I had a nice hammer fest with a couple other riders along the twenty miles of pavement back to the start (we took the scenic route out). Back in Grinnell, I had the nice surprise of a flat tire on my car from when I hit the curb in the morning parking. Just imagine if I had made it through all of Trans Iowa, only to have got back to my car on Sunday, totally deranged, and find a flat tire I would have to change. Although I am no grease monkey, I can change a tire, but this one was stuck to the rim. Even with all the lug nuts free nothing would not budge. I visited the nearby bike shop and put on my best pity face to see if I could borrow a hammer to knock it loose. Their mechanic tried, but his biggest instrument was a claw hammer that was too small to loosen anything. A tire store was nearby, and since the big hole in my tire meant it could not be repaired, I drove the couple blocks on the flat. Of course the place was closed Saturday afternoon. After a sigh, I went to the car dealership next door and of course their mechanics did not work weekends. Breaking the stereotype, the salesmen were exceedingly nice and let me borrow a 20lb sledge from the garage, which finally knocked my old tire free. I put on the donut and traveled the back roads home on that, avoiding the interstate.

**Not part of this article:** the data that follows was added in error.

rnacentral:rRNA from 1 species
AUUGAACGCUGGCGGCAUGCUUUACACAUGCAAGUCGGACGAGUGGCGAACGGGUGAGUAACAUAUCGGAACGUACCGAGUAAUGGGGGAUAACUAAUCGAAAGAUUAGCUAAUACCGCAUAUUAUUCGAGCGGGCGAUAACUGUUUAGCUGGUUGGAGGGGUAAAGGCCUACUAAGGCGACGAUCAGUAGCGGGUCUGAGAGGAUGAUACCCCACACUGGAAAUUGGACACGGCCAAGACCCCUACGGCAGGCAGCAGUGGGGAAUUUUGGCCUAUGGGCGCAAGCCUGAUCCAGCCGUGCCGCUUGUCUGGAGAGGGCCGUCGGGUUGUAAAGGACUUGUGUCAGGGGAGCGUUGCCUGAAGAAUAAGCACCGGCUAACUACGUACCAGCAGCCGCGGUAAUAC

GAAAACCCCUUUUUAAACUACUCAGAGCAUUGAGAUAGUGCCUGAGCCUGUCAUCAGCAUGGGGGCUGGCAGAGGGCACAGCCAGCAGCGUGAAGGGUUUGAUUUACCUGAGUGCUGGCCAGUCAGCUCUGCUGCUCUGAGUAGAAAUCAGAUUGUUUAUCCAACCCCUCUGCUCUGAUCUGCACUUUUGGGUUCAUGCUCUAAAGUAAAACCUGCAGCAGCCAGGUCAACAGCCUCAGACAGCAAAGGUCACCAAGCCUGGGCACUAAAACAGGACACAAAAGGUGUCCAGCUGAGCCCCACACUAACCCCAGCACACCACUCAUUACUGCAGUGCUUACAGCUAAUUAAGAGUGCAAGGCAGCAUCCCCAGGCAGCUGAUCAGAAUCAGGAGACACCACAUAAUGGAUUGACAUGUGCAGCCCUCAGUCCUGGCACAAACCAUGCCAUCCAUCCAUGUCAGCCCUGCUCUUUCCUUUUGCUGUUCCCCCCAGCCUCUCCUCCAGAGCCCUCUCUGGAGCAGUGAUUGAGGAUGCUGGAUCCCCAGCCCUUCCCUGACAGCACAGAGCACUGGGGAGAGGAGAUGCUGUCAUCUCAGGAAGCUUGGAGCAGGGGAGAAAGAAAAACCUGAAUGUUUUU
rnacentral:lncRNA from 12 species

Post Race

Although an adventure already, I missed out on the true Trans Iowa experience. I did get the surprise B road, but only got through 1/6 of the miles and missed full night of biking through utter exhaustion and hallucinations. Maybe next year, but I have a lot of undecided stuff that could make that implausible. Plus I would not attempt TI again on a mountain bike. A cross bike setup with the proper gear bags, accessories, and fit is a must. I hate to buy yet another bike though, that would not get used a lot. Still…

1 Jon Krakuaer describing Christopher McCandless view on life, which may have contributed to his early demise
2 Gary Cantrell providing inspiration for the Barkley Marathon
3 So I did not put my best into this race, but it is still a good saying